Sitecore MVC Data Source query support

Sitecore query is a very powerful tool for selecting items and is used in many places in the Sitecore CMS. However, there are a few locations where this is not supported by default, and there are good reasons for that too. One is performance. Sitecore query is powerful but can be far more expensive to execute than referring to an item using a regular Guid. Sitecore often provides you with a search/query tool to find a data source, but it’s only the target Guid that’s stored typically.

The Data sources attribute on controls in the Layouts (__Renderings) field is one location where query isn’t supported by default. And that makes sense, since it could potentially have enormous performance impacts if used incorrectly. But sometimes the pros overcomes the cons, so let’s add support for this.

This has been done many times before, so take a look at this great post from our friends at Cognifide for an overview of how this works in WebForms: Reduce multisite chaos with Sitecore queries

In Sitecore MVC we have a new set of pipelines to extend in order to add support for queries. The easiest way is to just add a processor in the <mvc.getXmlBasedLayoutDefinition> pipeline. Here’s a simple snippet (complete code further down) on how to do it:

public override void Process(GetXmlBasedLayoutDefinitionArgs args)
{
  var item = args.ContextItem ?? args.PageContext.Item;

  const string queryPrefix = "query:";
  foreach (var renderingElement in args.Result.Elements("d").Elements("r"))
  {
    var dataSource = renderingElement.GetAttributeValueOrNull("ds");
    if (dataSource != null && dataSource.StartsWith(queryPrefix))
    {
      string query = dataSource.Substring(queryPrefix.Length);
      Item queryItem = item.Axes.SelectSingleItem(query);
      if (queryItem != null)
      {
        renderingElement.SetAttributeValue("ds", queryItem.ID.Guid);
      }
    }
  }
}

Essentially, this code just looks through the Rendering XML and finds data sources and replaces those with a resolved Guid. Not that we don’t get a set of RenderingReferences in this pipeline. Instead we work directly with the XDocument.

Now we can use powerful Sitecore queries in our layout Data sorces on both pages and and template standard values, and reduce content maintenance headaches. One very powerful query to consider when running a multi site instance is query:./ancestor-or-self::*[@@templatekey='website container']/pathOrQueryTo/LocalItem and similar ones.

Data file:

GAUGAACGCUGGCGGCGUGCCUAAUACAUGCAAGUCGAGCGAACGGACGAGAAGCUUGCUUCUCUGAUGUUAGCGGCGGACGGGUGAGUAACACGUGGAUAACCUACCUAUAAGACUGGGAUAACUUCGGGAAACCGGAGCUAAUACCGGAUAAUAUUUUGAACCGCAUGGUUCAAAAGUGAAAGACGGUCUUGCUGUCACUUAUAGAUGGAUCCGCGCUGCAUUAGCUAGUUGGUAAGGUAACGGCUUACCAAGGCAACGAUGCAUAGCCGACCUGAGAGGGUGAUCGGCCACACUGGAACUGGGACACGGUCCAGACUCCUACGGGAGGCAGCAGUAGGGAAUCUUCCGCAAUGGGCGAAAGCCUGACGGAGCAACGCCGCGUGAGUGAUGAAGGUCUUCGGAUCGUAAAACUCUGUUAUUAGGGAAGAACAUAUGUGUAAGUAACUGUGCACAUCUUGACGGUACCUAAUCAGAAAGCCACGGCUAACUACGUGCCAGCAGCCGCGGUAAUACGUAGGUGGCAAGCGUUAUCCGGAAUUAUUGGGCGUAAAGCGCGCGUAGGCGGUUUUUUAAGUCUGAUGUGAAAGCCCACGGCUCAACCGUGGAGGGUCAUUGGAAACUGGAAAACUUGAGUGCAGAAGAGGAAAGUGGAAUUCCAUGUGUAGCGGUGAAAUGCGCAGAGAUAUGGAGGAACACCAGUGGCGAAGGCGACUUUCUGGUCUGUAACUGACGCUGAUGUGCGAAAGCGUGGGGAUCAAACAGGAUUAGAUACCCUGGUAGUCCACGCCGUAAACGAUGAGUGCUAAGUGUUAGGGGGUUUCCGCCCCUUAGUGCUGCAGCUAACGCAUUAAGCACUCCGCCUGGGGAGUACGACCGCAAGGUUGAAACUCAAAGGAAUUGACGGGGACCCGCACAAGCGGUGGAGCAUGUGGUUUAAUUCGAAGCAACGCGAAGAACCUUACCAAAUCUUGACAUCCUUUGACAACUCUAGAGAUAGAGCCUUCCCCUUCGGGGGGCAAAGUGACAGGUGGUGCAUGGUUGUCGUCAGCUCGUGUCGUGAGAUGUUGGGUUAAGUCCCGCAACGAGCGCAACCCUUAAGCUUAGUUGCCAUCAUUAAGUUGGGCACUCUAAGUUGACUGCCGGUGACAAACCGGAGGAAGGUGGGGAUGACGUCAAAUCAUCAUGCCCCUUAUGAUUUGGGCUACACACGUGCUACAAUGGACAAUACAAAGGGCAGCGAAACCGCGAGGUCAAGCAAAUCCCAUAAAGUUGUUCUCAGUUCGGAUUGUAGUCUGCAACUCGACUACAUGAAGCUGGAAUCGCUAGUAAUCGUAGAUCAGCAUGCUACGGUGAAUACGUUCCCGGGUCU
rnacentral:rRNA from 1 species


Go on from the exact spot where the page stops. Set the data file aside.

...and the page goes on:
There is one more location where these kind of queries becomes powerful as well. That is the default data source we can enter on rendering items, such as View renderings, Controller renderings etc. If we can leave the data source field blank on the page Layout, it’ll make life a lot easier for content authors. We don’t want them to write Sitecore queries, do we?

I’ve yet to find an elegant way to solve this, but here’s at least a solution that works. Essentially, we can hook into the same pipeline as above, and if the data source (ds) field is empty, we can load the rendering and see if the data source field on the rendering item contains a query. If so, we can resolve this and add the target Guid as a data source at run time, like this:

public class ResolveMvcQueryableDatasources : GetXmlBasedLayoutDefinitionProcessor
{
  public override void Process(GetXmlBasedLayoutDefinitionArgs args)
  {
    Assert.ArgumentNotNull(args, "args");
    if (args.Result == null || Context.Site == null)
      return;

    var item = args.ContextItem ?? args.PageContext.Item;
    if (item == null)
      return;

    const string queryPrefix = "query:";
    foreach (var renderingElement in args.Result.Elements("d").Elements("r"))
    {
      var dataSource = renderingElement.GetAttributeValueOrNull("ds");
      if (dataSource != null && dataSource.StartsWith(queryPrefix))
      {
        string query = dataSource.Substring(queryPrefix.Length);
        Item queryItem = item.Axes.SelectSingleItem(query);
        if (queryItem != null)
        {
          renderingElement.SetAttributeValue("ds", queryItem.ID.Guid);
        }
      }
      else if (string.IsNullOrWhiteSpace(dataSource))
      {
        var renderingId = (Guid)renderingElement.Attribute("id");
        var renderingItem = RenderingItem.GetItem(new ID(renderingId), args.PageContext.Database, true);
        var renderingDataSource = renderingItem.DataSource;
        if (renderingDataSource != null && renderingDataSource.StartsWith(queryPrefix))
        {
          string query = renderingDataSource.Substring(queryPrefix.Length);
          Item queryItem = item.Axes.SelectSingleItem(query);
          if (queryItem != null)
          {
            renderingElement.SetAttributeValue("ds", queryItem.ID.Guid);
          }
        }
      }
    }
  }
}

To add this into your Sitecore instance, just add a config file such as this one:

<?xml version="1.0" encoding="utf-8" ?> 
<configuration xmlns:patch="http://www.sitecore.net/xmlconfig/" xmlns:x="http://www.sitecore.net/xmlconfig/">
  <sitecore>
    <pipelines>
      <mvc.getXmlBasedLayoutDefinition>
        <processor patch:after="*[@type='Sitecore.Mvc.Pipelines.Response.GetXmlBasedLayoutDefinition.GetFromLayoutField, Sitecore.Mvc']"
                   type="namespace.ResolveMvcQueryableDatasources, assemblyname" />
      </mvc.getXmlBasedLayoutDefinition>
    </pipelines>
  </sitecore>
</configuration>

Leave a Reply